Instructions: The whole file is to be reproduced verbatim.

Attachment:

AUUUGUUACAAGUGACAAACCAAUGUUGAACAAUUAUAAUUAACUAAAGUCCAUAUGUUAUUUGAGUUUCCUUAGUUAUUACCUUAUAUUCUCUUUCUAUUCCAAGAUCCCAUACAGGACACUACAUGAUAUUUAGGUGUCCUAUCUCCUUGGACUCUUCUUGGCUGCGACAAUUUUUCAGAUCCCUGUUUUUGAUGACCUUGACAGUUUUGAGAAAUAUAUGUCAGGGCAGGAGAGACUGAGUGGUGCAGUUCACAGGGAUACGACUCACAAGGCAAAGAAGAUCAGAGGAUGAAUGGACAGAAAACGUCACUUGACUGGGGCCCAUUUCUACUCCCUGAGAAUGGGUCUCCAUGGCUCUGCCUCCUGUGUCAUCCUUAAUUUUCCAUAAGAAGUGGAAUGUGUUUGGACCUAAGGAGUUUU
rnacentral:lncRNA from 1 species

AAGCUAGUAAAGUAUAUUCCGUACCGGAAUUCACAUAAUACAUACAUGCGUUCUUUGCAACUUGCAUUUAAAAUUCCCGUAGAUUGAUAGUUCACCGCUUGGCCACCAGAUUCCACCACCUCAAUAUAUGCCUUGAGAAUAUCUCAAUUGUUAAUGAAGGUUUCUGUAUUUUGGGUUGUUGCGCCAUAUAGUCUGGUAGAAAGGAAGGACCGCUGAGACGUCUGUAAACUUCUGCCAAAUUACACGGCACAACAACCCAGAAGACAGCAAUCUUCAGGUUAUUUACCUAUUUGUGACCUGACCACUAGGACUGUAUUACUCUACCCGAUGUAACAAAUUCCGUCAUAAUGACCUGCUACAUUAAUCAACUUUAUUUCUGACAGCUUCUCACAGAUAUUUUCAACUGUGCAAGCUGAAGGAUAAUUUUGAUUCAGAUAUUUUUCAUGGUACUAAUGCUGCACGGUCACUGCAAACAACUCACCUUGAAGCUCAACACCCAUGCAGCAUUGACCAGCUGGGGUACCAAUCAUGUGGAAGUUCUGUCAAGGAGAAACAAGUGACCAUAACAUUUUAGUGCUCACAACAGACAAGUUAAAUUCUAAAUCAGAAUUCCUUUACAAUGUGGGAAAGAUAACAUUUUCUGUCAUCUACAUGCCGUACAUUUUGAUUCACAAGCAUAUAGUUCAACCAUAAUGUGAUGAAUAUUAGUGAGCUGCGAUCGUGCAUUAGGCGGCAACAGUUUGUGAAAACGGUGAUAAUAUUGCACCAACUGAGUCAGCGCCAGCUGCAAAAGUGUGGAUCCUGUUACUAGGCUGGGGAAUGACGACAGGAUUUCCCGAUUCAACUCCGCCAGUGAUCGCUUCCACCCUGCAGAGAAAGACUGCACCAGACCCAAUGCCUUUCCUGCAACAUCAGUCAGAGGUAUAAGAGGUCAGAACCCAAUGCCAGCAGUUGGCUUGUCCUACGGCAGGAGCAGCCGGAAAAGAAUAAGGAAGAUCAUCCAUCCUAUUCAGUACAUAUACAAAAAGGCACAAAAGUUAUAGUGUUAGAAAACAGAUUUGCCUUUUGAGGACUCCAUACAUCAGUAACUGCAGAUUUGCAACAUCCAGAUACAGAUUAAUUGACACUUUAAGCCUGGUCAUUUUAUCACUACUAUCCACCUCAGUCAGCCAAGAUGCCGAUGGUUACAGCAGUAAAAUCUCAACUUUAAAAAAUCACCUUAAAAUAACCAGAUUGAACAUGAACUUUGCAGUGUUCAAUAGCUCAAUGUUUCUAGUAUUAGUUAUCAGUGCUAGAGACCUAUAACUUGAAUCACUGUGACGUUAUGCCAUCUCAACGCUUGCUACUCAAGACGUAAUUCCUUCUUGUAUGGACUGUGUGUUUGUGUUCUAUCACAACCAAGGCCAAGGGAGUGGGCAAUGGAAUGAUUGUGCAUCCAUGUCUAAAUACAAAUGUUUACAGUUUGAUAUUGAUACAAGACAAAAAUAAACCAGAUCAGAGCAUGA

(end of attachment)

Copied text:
AUUUGUUACAAGUGACAAACCAAUGUUGAACAAUUAUAAUUAACUAAAGUCCAUAUGUUAUUUGAGUUUCCUUAGUUAUUACCUUAUAUUCUCUUUCUAUUCCAAGAUCCCAUACAGGACACUACAUGAUAUUUAGGUGUCCUAUCUCCUUGGACUCUUCUUGGCUGCGACAAUUUUUCAGAUCCCUGUUUUUGAUGACCUUGACAGUUUUGAGAAAUAUAUGUCAGGGCAGGAGAGACUGAGUGGUGCAGUUCACAGGGAUACGACUCACAAGGCAAAGAAGAUCAGAGGAUGAAUGGACAGAAAACGUCACUUGACUGGGGCCCAUUUCUACUCCCUGAGAAUGGGUCUCCAUGGCUCUGCCUCCUGUGUCAUCCUUAAUUUUCCAUAAGAAGUGGAAUGUGUUUGGACCUAAGGAGUUUU
rnacentral:lncRNA from 1 species

AAGCUAGUAAAGUAUAUUCCGUACCGGAAUUCACAUAAUACAUACAUGCGUUCUUUGCAACUUGCAUUUAAAAUUCCCGUAGAUUGAUAGUUCACCGCUUGGCCACCAGAUUCCACCACCUCAAUAUAUGCCUUGAGAAUAUCUCAAUUGUUAAUGAAGGUUUCUGUAUUUUGGGUUGUUGCGCCAUAUAGUCUGGUAGAAAGGAAGGACCGCUGAGACGUCUGUAAACUUCUGCCAAAUUACACGGCACAACAACCCAGAAGACAGCAAUCUUCAGGUUAUUUACCUAUUUGUGACCUGACCACUAGGACUGUAUUACUCUACCCGAUGUAACAAAUUCCGUCAUAAUGACCUGCUACAUUAAUCAACUUUAUUUCUGACAGCUUCUCACAGAUAUUUUCAACUGUGCAAGCUGAAGGAUAAUUUUGAUUCAGAUAUUUUUCAUGGUACUAAUGCUGCACGGUCACUGCAAACAACUCACCUUGAAGCUCAACACCCAUGCAGCAUUGACCAGCUGGGGUACCAAUCAUGUGGAAGUUCUGUCAAGGAGAAACAAGUGACCAUAACAUUUUAGUGCUCACAACAGACAAGUUAAAUUCUAAAUCAGAAUUCCUUUACAAUGUGGGAAAGAUAACAUUUUCUGUCAUCUACAUGCCGUACAUUUUGAUUCACAAGCAUAUAGUUCAACCAUAAUGUGAUGAAUAUUAGUGAGCUGCGAUCGUGCAUUAGGCGGCAACAGUUUGUGAAAACGGUGAUAAUAUUGCACCAACUGAGUCAGCGCCAGCUGCAAAAGUGUGGAUCCUGUUACUAGGCUGGGGAAUGACGACAGGAUUUCCCGAUUCAACUCCGCCAGUGAUCGCUUCCACCCUGCAGAGAAAGACUGCACCAGACCCAAUGCCUUUCCUGCAACAUCAGUCAGAGGUAUAAGAGGUCAGAACCCAAUGCCAGCAGUUGGCUUGUCCUACGGCAGGAGCAGCCGGAAAAGAAUAAGGAAGAUCAUCCAUCCUAUUCAGUACAUAUACAAAAAGGCACAAAAGUUAUAGUGUUAGAAAACAGAUUUGCCUUUUGAGGACUCCAUACAUCAGUAACUGCAGAUUUGCAACAUCCAGAUACAGAUUAAUUGACACUUUAAGCCUGGUCAUUUUAUCACUACUAUCCACCUCAGUCAGCCAAGAUGCCGAUGGUUACAGCAGUAAAAUCUCAACUUUAAAAAAUCACCUUAAAAUAACCAGAUUGAACAUGAACUUUGCAGUGUUCAAUAGCUCAAUGUUUCUAGUAUUAGUUAUCAGUGCUAGAGACCUAUAACUUGAAUCACUGUGACGUUAUGCCAUCUCAACGCUUGCUACUCAAGACGUAAUUCCUUCUUGUAUGGACUGUGUGUUUGUGUUCUAUCACAACCAAGGCCAAGGGAGUGGGCAAUGGAAUGAUUGUGCAUCCAUGUCUAAAUACAAAUGUUUACAGUUUGAUAUUGAUACAAGACAAAAAUAAACCAGAUCAGAGCAUGA